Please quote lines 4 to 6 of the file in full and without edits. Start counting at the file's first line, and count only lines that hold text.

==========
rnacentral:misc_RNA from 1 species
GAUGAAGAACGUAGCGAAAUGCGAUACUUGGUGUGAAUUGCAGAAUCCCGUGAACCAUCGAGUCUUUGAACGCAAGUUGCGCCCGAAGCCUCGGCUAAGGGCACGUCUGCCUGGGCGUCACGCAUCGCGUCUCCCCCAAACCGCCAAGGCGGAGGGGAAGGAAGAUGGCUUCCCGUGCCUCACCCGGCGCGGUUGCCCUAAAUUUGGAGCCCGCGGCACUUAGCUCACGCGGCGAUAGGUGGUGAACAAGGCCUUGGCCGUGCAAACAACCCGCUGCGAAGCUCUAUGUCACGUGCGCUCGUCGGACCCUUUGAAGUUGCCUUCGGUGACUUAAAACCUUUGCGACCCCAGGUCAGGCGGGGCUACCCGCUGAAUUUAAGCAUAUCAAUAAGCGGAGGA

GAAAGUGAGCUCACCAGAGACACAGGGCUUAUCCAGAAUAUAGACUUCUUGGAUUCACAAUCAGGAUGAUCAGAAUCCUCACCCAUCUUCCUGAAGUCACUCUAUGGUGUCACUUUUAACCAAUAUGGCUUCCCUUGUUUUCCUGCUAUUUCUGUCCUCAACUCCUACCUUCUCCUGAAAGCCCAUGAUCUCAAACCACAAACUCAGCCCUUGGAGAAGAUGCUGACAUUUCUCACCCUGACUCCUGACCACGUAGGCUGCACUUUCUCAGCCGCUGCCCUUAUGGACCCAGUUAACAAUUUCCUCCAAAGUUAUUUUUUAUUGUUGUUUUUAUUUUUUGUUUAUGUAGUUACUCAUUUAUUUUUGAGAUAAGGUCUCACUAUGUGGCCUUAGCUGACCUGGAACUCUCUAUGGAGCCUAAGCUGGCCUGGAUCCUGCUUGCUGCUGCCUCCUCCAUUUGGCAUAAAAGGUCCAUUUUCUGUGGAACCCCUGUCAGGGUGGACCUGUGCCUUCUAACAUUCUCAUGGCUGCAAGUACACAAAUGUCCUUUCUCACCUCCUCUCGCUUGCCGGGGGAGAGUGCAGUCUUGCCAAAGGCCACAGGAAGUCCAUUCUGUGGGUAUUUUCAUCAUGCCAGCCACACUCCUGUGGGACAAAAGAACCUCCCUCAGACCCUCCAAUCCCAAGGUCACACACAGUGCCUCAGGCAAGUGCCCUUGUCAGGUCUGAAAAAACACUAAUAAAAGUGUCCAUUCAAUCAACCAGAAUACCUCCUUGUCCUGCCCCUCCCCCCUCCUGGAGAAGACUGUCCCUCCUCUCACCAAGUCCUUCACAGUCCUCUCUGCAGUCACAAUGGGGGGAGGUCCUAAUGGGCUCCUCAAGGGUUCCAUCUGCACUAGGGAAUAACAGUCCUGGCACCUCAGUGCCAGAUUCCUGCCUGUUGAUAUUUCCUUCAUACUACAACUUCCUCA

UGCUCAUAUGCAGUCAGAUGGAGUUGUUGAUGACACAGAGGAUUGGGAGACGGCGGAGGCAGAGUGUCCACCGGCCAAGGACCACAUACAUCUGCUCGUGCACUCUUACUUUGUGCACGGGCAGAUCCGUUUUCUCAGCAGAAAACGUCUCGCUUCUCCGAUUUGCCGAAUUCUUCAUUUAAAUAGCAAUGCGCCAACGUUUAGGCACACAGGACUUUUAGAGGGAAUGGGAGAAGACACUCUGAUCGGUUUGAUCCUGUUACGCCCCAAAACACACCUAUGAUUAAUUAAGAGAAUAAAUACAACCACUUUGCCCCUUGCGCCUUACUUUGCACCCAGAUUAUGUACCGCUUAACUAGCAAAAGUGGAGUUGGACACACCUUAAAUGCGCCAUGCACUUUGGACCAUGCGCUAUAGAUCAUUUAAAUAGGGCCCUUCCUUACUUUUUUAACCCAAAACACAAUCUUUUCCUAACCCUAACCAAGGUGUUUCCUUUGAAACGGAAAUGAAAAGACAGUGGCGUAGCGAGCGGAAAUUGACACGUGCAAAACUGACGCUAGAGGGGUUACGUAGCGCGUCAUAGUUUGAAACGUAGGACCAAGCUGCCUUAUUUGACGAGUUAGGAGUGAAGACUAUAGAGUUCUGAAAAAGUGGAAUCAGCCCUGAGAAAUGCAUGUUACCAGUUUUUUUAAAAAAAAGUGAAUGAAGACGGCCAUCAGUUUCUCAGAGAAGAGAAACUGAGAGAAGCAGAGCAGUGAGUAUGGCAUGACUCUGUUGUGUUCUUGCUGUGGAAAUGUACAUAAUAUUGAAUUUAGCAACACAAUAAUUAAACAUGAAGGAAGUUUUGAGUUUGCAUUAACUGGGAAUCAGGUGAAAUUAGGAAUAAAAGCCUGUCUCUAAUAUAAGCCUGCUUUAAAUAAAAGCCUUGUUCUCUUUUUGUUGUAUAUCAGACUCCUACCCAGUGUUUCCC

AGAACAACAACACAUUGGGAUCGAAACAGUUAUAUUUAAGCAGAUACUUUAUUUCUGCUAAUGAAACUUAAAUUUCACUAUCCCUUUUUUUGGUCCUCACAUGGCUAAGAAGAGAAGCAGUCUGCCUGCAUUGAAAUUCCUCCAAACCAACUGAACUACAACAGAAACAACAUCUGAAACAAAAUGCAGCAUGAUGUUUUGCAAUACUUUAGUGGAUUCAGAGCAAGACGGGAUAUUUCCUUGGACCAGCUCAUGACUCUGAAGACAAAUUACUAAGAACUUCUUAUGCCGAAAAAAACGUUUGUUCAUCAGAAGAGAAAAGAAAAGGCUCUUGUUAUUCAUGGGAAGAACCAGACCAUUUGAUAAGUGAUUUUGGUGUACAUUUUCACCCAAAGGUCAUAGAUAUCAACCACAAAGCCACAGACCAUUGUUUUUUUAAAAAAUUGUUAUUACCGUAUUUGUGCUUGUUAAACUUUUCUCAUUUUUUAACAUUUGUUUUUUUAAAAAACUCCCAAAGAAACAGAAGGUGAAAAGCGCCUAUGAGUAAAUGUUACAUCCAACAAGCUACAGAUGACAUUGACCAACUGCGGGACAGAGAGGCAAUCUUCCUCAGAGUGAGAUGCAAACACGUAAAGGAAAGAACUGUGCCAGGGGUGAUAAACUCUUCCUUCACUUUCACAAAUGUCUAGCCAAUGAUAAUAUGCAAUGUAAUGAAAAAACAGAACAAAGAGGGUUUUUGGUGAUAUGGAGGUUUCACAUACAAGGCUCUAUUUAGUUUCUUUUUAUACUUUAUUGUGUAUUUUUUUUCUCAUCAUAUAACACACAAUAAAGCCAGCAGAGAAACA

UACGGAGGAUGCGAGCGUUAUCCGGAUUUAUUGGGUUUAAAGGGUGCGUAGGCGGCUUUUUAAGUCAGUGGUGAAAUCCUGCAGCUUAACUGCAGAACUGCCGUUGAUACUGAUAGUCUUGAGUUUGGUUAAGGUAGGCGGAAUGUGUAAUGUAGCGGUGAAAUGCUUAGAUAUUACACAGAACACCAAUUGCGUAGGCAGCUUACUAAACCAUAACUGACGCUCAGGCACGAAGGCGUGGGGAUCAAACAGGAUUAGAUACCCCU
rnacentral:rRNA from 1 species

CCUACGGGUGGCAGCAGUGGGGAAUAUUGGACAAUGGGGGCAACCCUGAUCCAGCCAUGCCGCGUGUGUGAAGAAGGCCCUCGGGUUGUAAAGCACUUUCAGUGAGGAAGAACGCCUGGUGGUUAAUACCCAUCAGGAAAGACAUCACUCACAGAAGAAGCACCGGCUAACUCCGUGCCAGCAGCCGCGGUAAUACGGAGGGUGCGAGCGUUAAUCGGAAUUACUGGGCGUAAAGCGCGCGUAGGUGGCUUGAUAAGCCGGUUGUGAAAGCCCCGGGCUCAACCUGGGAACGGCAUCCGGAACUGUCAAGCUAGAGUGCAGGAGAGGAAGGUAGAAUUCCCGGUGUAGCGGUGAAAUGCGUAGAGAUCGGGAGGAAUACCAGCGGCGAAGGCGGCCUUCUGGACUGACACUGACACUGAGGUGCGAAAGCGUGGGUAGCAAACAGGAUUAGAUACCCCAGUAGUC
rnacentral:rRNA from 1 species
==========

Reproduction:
UGCUCAUAUGCAGUCAGAUGGAGUUGUUGAUGACACAGAGGAUUGGGAGACGGCGGAGGCAGAGUGUCCACCGGCCAAGGACCACAUACAUCUGCUCGUGCACUCUUACUUUGUGCACGGGCAGAUCCGUUUUCUCAGCAGAAAACGUCUCGCUUCUCCGAUUUGCCGAAUUCUUCAUUUAAAUAGCAAUGCGCCAACGUUUAGGCACACAGGACUUUUAGAGGGAAUGGGAGAAGACACUCUGAUCGGUUUGAUCCUGUUACGCCCCAAAACACACCUAUGAUUAAUUAAGAGAAUAAAUACAACCACUUUGCCCCUUGCGCCUUACUUUGCACCCAGAUUAUGUACCGCUUAACUAGCAAAAGUGGAGUUGGACACACCUUAAAUGCGCCAUGCACUUUGGACCAUGCGCUAUAGAUCAUUUAAAUAGGGCCCUUCCUUACUUUUUUAACCCAAAACACAAUCUUUUCCUAACCCUAACCAAGGUGUUUCCUUUGAAACGGAAAUGAAAAGACAGUGGCGUAGCGAGCGGAAAUUGACACGUGCAAAACUGACGCUAGAGGGGUUACGUAGCGCGUCAUAGUUUGAAACGUAGGACCAAGCUGCCUUAUUUGACGAGUUAGGAGUGAAGACUAUAGAGUUCUGAAAAAGUGGAAUCAGCCCUGAGAAAUGCAUGUUACCAGUUUUUUUAAAAAAAAGUGAAUGAAGACGGCCAUCAGUUUCUCAGAGAAGAGAAACUGAGAGAAGCAGAGCAGUGAGUAUGGCAUGACUCUGUUGUGUUCUUGCUGUGGAAAUGUACAUAAUAUUGAAUUUAGCAACACAAUAAUUAAACAUGAAGGAAGUUUUGAGUUUGCAUUAACUGGGAAUCAGGUGAAAUUAGGAAUAAAAGCCUGUCUCUAAUAUAAGCCUGCUUUAAAUAAAAGCCUUGUUCUCUUUUUGUUGUAUAUCAGACUCCUACCCAGUGUUUCCC

AGAACAACAACACAUUGGGAUCGAAACAGUUAUAUUUAAGCAGAUACUUUAUUUCUGCUAAUGAAACUUAAAUUUCACUAUCCCUUUUUUUGGUCCUCACAUGGCUAAGAAGAGAAGCAGUCUGCCUGCAUUGAAAUUCCUCCAAACCAACUGAACUACAACAGAAACAACAUCUGAAACAAAAUGCAGCAUGAUGUUUUGCAAUACUUUAGUGGAUUCAGAGCAAGACGGGAUAUUUCCUUGGACCAGCUCAUGACUCUGAAGACAAAUUACUAAGAACUUCUUAUGCCGAAAAAAACGUUUGUUCAUCAGAAGAGAAAAGAAAAGGCUCUUGUUAUUCAUGGGAAGAACCAGACCAUUUGAUAAGUGAUUUUGGUGUACAUUUUCACCCAAAGGUCAUAGAUAUCAACCACAAAGCCACAGACCAUUGUUUUUUUAAAAAAUUGUUAUUACCGUAUUUGUGCUUGUUAAACUUUUCUCAUUUUUUAACAUUUGUUUUUUUAAAAAACUCCCAAAGAAACAGAAGGUGAAAAGCGCCUAUGAGUAAAUGUUACAUCCAACAAGCUACAGAUGACAUUGACCAACUGCGGGACAGAGAGGCAAUCUUCCUCAGAGUGAGAUGCAAACACGUAAAGGAAAGAACUGUGCCAGGGGUGAUAAACUCUUCCUUCACUUUCACAAAUGUCUAGCCAAUGAUAAUAUGCAAUGUAAUGAAAAAACAGAACAAAGAGGGUUUUUGGUGAUAUGGAGGUUUCACAUACAAGGCUCUAUUUAGUUUCUUUUUAUACUUUAUUGUGUAUUUUUUUUCUCAUCAUAUAACACACAAUAAAGCCAGCAGAGAAACA

UACGGAGGAUGCGAGCGUUAUCCGGAUUUAUUGGGUUUAAAGGGUGCGUAGGCGGCUUUUUAAGUCAGUGGUGAAAUCCUGCAGCUUAACUGCAGAACUGCCGUUGAUACUGAUAGUCUUGAGUUUGGUUAAGGUAGGCGGAAUGUGUAAUGUAGCGGUGAAAUGCUUAGAUAUUACACAGAACACCAAUUGCGUAGGCAGCUUACUAAACCAUAACUGACGCUCAGGCACGAAGGCGUGGGGAUCAAACAGGAUUAGAUACCCCU